Ohio Democrats took House Minority Leader John Boehner (R-Ohio) to task on Thursday for opposing Democratic-led initiatives on the economy.
The delegation blasted the GOP leader, who represents a southeastern Ohio district, for his stance against the economic stimulus package, and a whole host of other issues, including his tough words toward the current financial reform legislation.
"Where was he during the Bush administration when trillions were added to the deficit, but he didn't speak out?" Rep. Marcy Kaptur (D), the most senior Democratic member of the state's congressional delegation said at a press conference.
The Democrats shot at Boehner and other Republicans for what was called the "unfathomable" decision to oppose unemployment insurance extensions. Those have been stalled in the Senate over a dispute over whether the extension will be paid-for.
“You have to almost feel sorry for Ohio Democrats – they’ve chosen to embrace pork-barreling, ultra-liberal leaders in Washington who have forced them to walk the plank by voting against their constituents again and again," Boehner spokesman Cory Fritz shot back. "No wonder they’re flailing, and seem more interested in saving their political skins than helping the American people, especially in Ohio, who are asking, ‘where are the jobs?’”
The GOP leader has orchestrated near-unanimous support to a number of top Democratic priorities in the past year and a half, including healthcare reform and several pieces of jobs legislation. Boehner, like many Republicans, has said Democrats' policies tax and spend too much and exacerbate the deficit.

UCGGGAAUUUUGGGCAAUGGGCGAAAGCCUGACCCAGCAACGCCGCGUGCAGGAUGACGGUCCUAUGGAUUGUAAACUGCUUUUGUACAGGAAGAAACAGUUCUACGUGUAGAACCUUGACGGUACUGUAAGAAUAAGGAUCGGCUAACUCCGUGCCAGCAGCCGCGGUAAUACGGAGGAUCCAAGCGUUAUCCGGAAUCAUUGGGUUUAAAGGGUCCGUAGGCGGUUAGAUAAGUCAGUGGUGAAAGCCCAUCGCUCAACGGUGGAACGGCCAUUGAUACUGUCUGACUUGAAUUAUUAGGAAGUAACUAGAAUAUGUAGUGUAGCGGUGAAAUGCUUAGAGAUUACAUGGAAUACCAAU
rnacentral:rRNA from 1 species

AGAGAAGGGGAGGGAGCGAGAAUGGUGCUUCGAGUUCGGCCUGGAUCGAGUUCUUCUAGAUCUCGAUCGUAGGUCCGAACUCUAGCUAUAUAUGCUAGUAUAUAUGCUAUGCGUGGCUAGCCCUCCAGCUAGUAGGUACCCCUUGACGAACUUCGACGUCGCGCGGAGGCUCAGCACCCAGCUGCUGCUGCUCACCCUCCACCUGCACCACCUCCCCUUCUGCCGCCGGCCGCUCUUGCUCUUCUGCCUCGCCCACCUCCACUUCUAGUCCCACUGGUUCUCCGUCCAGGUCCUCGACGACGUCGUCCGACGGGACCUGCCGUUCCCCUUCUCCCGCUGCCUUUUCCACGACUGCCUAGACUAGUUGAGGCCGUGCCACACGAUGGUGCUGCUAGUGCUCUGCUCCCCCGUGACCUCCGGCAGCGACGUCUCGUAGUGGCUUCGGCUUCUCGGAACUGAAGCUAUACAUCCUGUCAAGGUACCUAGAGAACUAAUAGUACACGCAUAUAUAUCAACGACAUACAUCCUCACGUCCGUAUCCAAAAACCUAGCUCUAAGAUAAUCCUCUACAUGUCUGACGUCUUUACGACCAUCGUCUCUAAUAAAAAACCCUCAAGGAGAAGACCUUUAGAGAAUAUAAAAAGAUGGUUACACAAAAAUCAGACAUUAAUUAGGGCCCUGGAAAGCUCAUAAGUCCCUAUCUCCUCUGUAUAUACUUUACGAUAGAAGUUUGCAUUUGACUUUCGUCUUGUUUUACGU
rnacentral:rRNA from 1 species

Rep. Steve Driehaus (D), whose district neighbor's Boehner's, said that he's had to field constituent service requests from the GOP leader's districts, and challenged Boehner to a debate on economic policies sometime in Ohio.
"Mr. Boehner's misinformation campaign is notorious," Driehaus said. "Any time Mr. Boehner wants to come to Ohio, where he spends little time, ...I'm open to debate him."
Ohio has been one of the states hardest hit by the recession, suffering from a 11.8 percent unemployment rate through the end of February.
"I would implore you to look at the policies that drove us into the ditch and what we in Ohio are doing to drive us out," Kaptur said.